2019, PG-13, 138 mins.
Ed Skrein as Dick Best / Luke Kleintank as Lieutenant Clarence Earle Dickinson / Patrick Wilson as Rear Admiral Edwin T. Layton / Luke Evans as Commander Wade McClusky / Aaron Eckhart as Lieutenant Colonel Jimmy Doolittle / Nick Jonas as Bruno / Woody Harrelson as Admiral Chester W. Nimitz / Mandy Moore as Anne Best / Dennis Quaid as Vice Admiral William 'Bull' Halsey / Tadanobu Asano as Rear Admiral Tamon Yamaguchi / Darren Criss as Commander Eugene Lindsey
Directed by Roland Emmerich / Written by Wes Tooke
The new historical war drama MIDWAY is the second lavish budgeted silver screen account of one of the more instrumental battles and turning points for America's involvement in the Pacific Theater of World War II. Taking place roughly six months after Japan's sneak attack on the U.S. bases at Pearl Harbor in December of 1941, the Battle of Midway represented a major victory for the U.S. as they stopped an attacking and invading Japanese naval fleet. Of course, this story was first told in movie form in the 1976 Charlton Heston and Henry Fonda starring war epic of the same name, which then featured the then unheard of "Sensurround", or basically what we'd probably refer to now as ear piercing bass.
newest version of MIDWAY is from director Roman Emmerich, no stranger to
films (albeit fictional) of mass destruction (INDEPENDENCE DAY, THE
DAY AFTER TOMORROW, and 2012) and
represents his second fact based war drama after the underrated American
Revolution centric THE PATRIOT. A self
professed passion project for the German born filmmaker, MIDWAY had
difficulty securing the massive budget required from a major Hollywood
studio, which forced Emmerich to fundraise most of its $100 million cost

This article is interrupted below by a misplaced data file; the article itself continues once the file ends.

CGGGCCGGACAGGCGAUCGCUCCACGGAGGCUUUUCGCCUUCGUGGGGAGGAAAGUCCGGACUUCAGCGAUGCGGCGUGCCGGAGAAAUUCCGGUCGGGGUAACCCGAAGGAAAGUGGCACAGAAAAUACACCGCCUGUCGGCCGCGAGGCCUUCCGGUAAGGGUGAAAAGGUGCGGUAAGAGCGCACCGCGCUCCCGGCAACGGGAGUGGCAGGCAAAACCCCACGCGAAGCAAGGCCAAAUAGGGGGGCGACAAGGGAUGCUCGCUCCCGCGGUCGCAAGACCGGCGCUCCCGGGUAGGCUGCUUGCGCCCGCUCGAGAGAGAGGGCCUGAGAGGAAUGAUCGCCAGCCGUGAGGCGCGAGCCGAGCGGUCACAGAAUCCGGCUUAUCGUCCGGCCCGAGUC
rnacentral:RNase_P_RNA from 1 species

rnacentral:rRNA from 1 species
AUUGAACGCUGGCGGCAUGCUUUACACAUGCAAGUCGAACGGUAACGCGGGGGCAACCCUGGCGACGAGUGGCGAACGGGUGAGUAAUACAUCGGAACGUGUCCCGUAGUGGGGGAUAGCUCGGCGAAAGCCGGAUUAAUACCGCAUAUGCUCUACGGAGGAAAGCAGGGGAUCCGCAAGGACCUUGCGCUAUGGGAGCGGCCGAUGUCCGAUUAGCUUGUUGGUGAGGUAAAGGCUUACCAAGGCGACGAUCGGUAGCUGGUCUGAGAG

(making it one of the most expensive independently financed war films
ever). MIDWAY, to its
esteemed credit, contains some astonishingly credible visual effects used to
recreate its battle in question, not to mention a handful of rousing
action set pieces that wholly delivery on a level of visceral thrills.
That, and the screenplay here by Wes Tooke is sometimes
surprisingly democratic in its story focus on both the American and
Japanese side of the war. Beyond
that, though, MIDWAY really just amounts to a very polished and expensive
looking (and dramatically fluffy) TV movie of the week that just happens
to feature a lot of A-list actors that are seriously phoning in their
does feature a pretty impactful recreation of the Pearl Harbor attacks,
which serves as a quick prologue to the later Battle of Midway and the
introduction of the U.S. into WWII. After
this, MIDWAY takes on another event pre-Midway in the subsequent "Doolittle
Raid" of April of 1942, a counter attack led by Col. James Doolittle
(Aaron Eckhart), with a small chunk (maybe too small) of the film's
running time devoted to him relying on Chinese assistance to get back to his fleet alive after being downed by the Japanese (considering
that MIDWAY had a reasonable amount of its budget provided by Chinese
investors, it's no wonder why this is even in the film, despite the fact
that we really get a bare boned play-by-play recreation of the raids in
question). More compelling
rendered is the subplot involving Patrick Wilson's Edwin Layton, who's a
member of the Office of Naval Intelligence and is introduced in an opening
scene in 1937 Tokyo that eerily foreshadows Japan's involvement in the war
crucially, Layton's advocacy of meticulous code breaking was an